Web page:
Light of the Stereo

Light of the Stereo

Tuesday, April 30, 2013

Tuesday Double Feature: Bleached "Next Stop"& Kim Baxter "Devil On My Side"

This week's Tuesday Double Feature focuses on two female garage pop acts coming to Portland this week. So take a listen, dust off your mod wear and get yourself to a show.

Bleached - "Next Stop"

Made up of Jennifer and Jessie Calavin, the LA sister act Bleached are cruising high with their sun baked garage pop. Having just released their debut album Ride Your Heart on the Dead Oceans label, the ladies are on the road in support. They'll be playing the Star Theater this Friday, May 3rd.
Doors:8:30PM / Show:9PM
Adv.: $5/ Day Of: $5
21 & Over

Kim Baxter - "Devil On My Side"

No stranger to the Portland music scene, Kim Baxter spent ten years in the All Girl Summer Fun Band. Now on her own, Baxter released her first solo album last spring The Tale of Me and You with the recent vinyl re-release on the German label Expect Candy. She'll be playing Sunday, May 5th at Mississippi Studio with Hurry Up and the Summer Cannibals.
Doors: 8PM/ Show:9PM
Adv.: $5/ Day Of: $5
21 & Over

Monday, April 29, 2013

Cure For the Mondys: Juliet Simms - "Wild Child"

Juliet Simms - "Wild Child"

On Monday morning who doesn't want to go wild.

Lead singer of the long suffering band the Automatic Loveletter, Juliet Simms became a household name as runner up on the second season of the reality TV show the Voice. A sultry rock queen Simms has a bold and powerful energy to her music. A fact that is sure to be apparent on her debut solo album set for release later this year. This summer will also see her return to the Vans Warp Tour stage with a few select dates set for July. So keep your eyes and ears open and don't forget to let your wild child run once in a while.

Sunday, April 28, 2013

About Last Night: Palma Violetes @ Holocene 4/25

Last night I a received a rock n roll omen by way of the radio and in my experience these things are rare and hard to decipher. So I was tentative as I walked into the Holocene. I’ve never been in the venue before, its unique layout and white washed d├ęcor was a bit unusual but possibly more due to the fact that I’m use to seeder venues.  
First on stage was the Eidolons, and from the first notes I could tell they’d be the jangly hipster depression rock synonymous with Portland. Never pushing beyond the veil where true emotions seethes and cries out with a primal force, their music did nothing for me. For goodness sakes the singer never went above a mic chomping drone. The few times the band did get after a song they’d change tempo half way through and lose all momentum. All I can say is that they had some fairly nice equipment. So my suggestions to the band is go out and get your heart good and busted, drink some whiskey, get angry and take one of those really nice guitars and learn to play the hell out of it.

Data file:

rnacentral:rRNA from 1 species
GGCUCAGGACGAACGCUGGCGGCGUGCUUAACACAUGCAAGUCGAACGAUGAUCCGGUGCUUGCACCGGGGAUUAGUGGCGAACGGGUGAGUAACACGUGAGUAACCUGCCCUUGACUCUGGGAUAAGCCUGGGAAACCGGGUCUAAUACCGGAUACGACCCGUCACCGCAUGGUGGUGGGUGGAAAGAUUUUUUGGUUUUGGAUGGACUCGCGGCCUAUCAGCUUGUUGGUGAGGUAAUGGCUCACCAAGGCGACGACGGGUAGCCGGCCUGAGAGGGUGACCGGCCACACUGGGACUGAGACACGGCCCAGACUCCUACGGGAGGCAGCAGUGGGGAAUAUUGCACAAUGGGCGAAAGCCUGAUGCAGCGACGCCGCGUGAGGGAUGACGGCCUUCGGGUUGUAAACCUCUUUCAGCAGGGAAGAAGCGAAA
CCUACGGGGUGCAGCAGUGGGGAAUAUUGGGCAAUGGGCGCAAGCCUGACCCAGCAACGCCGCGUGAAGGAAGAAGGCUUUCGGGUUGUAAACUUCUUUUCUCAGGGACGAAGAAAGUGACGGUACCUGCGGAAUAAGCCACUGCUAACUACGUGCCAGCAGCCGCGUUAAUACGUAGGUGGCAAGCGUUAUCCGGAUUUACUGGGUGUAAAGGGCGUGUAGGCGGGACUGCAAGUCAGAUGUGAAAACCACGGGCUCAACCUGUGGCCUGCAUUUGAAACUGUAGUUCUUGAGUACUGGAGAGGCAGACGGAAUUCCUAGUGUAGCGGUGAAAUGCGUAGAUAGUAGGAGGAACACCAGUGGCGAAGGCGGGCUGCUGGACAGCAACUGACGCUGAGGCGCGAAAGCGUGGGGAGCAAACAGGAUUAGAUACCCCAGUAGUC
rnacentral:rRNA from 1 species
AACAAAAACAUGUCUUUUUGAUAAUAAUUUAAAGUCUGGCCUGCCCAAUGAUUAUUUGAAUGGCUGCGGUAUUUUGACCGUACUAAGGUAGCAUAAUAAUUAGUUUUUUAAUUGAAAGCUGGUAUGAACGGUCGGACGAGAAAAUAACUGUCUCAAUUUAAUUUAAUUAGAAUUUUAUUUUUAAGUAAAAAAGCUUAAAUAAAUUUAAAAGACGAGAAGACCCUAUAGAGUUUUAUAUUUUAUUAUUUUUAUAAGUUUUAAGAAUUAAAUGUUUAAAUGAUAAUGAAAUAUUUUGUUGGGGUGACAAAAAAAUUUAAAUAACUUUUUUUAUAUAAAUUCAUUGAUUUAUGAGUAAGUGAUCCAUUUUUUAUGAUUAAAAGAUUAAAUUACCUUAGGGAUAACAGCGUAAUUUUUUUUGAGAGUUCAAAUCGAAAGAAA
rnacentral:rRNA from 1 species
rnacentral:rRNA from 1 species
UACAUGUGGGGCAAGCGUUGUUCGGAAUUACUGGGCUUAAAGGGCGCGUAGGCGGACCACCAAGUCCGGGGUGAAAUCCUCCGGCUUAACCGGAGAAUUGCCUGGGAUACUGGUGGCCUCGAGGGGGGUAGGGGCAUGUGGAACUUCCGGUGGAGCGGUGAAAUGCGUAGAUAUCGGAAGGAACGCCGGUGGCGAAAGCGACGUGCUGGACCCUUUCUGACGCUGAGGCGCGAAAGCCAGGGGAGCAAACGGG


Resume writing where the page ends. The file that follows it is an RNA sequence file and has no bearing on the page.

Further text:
As you can guess with a opener like this It made me a little bit nervous when the Guards began to set their stage but once the band boldly dashed into their first song I began to feel more like I was at a rock show. Brooklyn based the Guards played their dreamscape mod rock with the drive and conviction of a modern day band of gypsies. Shrouded in smoke and darkness this band relied on the magic of their music. The boldness of Richie Folin’s showmanship mixed with the aloof sensuality of Kaylie Church created a stage mysticism whose building energy was like an intoxicating storm. The richness of their atmospheric psychedelic was well worth a trip to the merch booth. All I can say is thank God the Guard were better than the band before cause if not I might have been tempted to leave in which case I would have missed out on one of the best show I’ve seen yet this year.

Now the Guards might have brought the fire to the stage, but the Palma Violets brought napalm to blow it all to hell. I had heard the whispers from SXSW but it wasn’t until the band stepped to the stage and threw themselves into their first notes that I knew it was all true and the party really got started. What this four-piece can do on stage is short of a miracle. Raw, wild, and boisterous this band has tapped a vein of rock n roll that was feared dried up long ago. Bounding across the stage with what seemed like endless energy all the while playing some of the best music the audience had heard in some time it wasn’t long before we were all bouncing along with the band. I’m not saying the lame were made to walk but there were two people on crutches that through them away to join the dancing. Really, this was one of the most fun shows I’ve ever been to. I have to say if you get the chance to see this band do everything that you can short of trading your left nut, but I guess it worked wonders for a certain cyclist.

So lessons learned, The Palma Violets are with out equal and I’ll trust in rock n roll omens and search for them diligently is the static rich airways of my radio.

Monday, April 22, 2013

Cure for the Mondays: Best Coast - "The Only Place"

Best Coast - "The Only Place"

Summertime dreams for the better weather.

The Southern California duo Best Coast have been in a perpetual state of movement since their 2010 debut release of Crazy For You. With the highly praised follow up album The Only Place in 2012 and endless touring including a recent stent with Green Day, they continue to build an amazingly faithful fan base. In their continuous mission to spread their infectious energy this spring and summer hold a headlining tour and the release of an EP with all new material.  Right now they don't have any shows scheduled in the NW but we can only hope that the summer months might still hold a show for us.

Monday, April 15, 2013

Cure for the Mondays: They Might Be Giants - "Icky"

They Might Be Giants - "Icky"
Gamma-radiated hipsters, God help us all.

The kings of catchy pop gems, They Might Be Giants are at it again, with the recent release of their 16th studio album Nanobots. Just as fun and twice as wise this band is sure to make it fun to listen to music again.  Lucky for us, a new album means a tour this spring which will include a night at or own Crystal Ballroom in mid-June. So keep your eyes peeled because the tickets are sure to go fast.  

Saturday, April 6, 2013

10 Queations: Pussycat and the Dirty Johnsons

Photo By Toby Amies